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command of Ibrahim, O my Heart." "And that is the rider who will take me from thee?”

"The command," said Musa, "contains nothing of that."

The air was a dark sea. The stars appeared.

"Lord, and then?" whispered Arissa. "This horse," answered Musa, "will grow tired, carrying two, and Ibrahim mounts his messengers well."

Under stars that marched half-way to their zenith Musa drew up the red horse by a white dome and a dark lace of acacia-leaves, very still. And one who had been sitting in his saddle beneath the trees all the hours of the dew-falling paced his black horse forward, saying:

"In the service of God.

"And of Ibrahim, the sheik."

Horse was alongside horse, knee all but touching knee. They made to embrace. Musa said:

"You have the sheik's orders, Brother?"

"I have them. And thou?"

"I have fulfilled them," said Musa through his teeth, "and am now free." And at the word he smote out and up. With neither word nor cry the man fell. Musa leaned over his horse's shoulder and looked down. He saw a pale huddle of garments, and a dark blot spreading. Since the man was no enemy, he remained to repeat the Fatha for him. Then, leaving Arissa to ride the red horse, which was growing tired, he himself mounted the black. He hurled them suddenly to speed. Under the large light of stars they whirled away south.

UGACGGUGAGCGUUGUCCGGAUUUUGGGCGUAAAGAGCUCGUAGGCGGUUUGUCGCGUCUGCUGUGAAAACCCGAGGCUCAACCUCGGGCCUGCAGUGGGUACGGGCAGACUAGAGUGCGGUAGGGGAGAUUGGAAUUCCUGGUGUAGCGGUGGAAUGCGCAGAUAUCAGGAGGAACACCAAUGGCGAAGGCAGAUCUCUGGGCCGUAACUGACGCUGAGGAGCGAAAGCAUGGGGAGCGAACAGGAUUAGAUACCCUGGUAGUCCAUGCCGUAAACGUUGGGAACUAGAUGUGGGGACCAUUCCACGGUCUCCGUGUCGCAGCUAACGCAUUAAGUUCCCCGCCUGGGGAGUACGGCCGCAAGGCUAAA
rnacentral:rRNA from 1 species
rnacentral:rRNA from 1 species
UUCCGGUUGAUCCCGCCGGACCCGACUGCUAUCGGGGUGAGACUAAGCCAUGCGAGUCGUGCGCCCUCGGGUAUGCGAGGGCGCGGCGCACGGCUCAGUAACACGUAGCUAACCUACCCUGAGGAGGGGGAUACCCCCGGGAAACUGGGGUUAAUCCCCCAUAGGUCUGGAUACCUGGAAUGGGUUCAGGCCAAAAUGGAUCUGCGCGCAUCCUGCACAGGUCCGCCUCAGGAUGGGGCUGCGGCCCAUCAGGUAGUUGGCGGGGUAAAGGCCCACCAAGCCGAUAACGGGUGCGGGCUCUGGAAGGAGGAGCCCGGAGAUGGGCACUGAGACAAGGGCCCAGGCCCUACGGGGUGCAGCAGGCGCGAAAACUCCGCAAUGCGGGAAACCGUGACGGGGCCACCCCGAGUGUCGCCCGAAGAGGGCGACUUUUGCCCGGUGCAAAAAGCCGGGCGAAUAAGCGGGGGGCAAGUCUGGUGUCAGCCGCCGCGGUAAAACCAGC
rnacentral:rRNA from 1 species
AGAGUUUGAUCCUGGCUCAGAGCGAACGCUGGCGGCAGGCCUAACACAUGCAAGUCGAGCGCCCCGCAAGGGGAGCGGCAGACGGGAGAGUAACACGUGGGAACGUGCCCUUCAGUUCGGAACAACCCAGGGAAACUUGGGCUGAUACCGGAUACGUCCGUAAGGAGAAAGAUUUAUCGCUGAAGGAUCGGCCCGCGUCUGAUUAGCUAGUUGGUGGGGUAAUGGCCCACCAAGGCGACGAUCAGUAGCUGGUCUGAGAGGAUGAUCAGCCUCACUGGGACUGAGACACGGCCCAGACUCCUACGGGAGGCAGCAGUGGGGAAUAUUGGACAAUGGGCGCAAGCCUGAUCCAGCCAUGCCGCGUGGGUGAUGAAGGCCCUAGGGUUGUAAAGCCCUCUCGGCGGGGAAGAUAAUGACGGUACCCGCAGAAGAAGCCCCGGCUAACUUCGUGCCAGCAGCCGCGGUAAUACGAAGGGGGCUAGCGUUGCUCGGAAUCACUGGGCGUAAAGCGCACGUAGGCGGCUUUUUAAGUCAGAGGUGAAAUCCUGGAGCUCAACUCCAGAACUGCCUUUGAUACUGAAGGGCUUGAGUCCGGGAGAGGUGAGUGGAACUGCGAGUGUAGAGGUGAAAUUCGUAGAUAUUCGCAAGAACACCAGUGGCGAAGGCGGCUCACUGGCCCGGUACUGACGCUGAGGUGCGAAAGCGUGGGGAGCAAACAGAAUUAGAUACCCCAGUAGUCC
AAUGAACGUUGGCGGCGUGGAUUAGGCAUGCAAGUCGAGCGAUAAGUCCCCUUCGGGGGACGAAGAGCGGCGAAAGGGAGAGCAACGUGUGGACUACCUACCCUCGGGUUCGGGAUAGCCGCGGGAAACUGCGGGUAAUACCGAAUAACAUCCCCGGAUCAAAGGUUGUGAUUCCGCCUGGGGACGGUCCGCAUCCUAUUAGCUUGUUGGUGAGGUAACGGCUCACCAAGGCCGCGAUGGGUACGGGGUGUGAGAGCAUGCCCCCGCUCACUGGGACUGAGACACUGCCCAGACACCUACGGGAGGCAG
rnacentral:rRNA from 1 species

"Hast thou thought?" cried Arissa, leaning from the red. "Life is sweet to such as thou, O my beloved, and Ibrahim will follow. Though we run

to the edge of all deserts, he will follow and find."

"O my beloved," answered Musa, "we shall have that same running on these horses. That is not a little thing. Life is sweet, and we shall have this night."

At midnight they came to a high, red cliff, barring their way. They rode along it. Presently they saw that there was a temple hewn in the rock, having before it great pillars, carved with the stories of a forgotten race.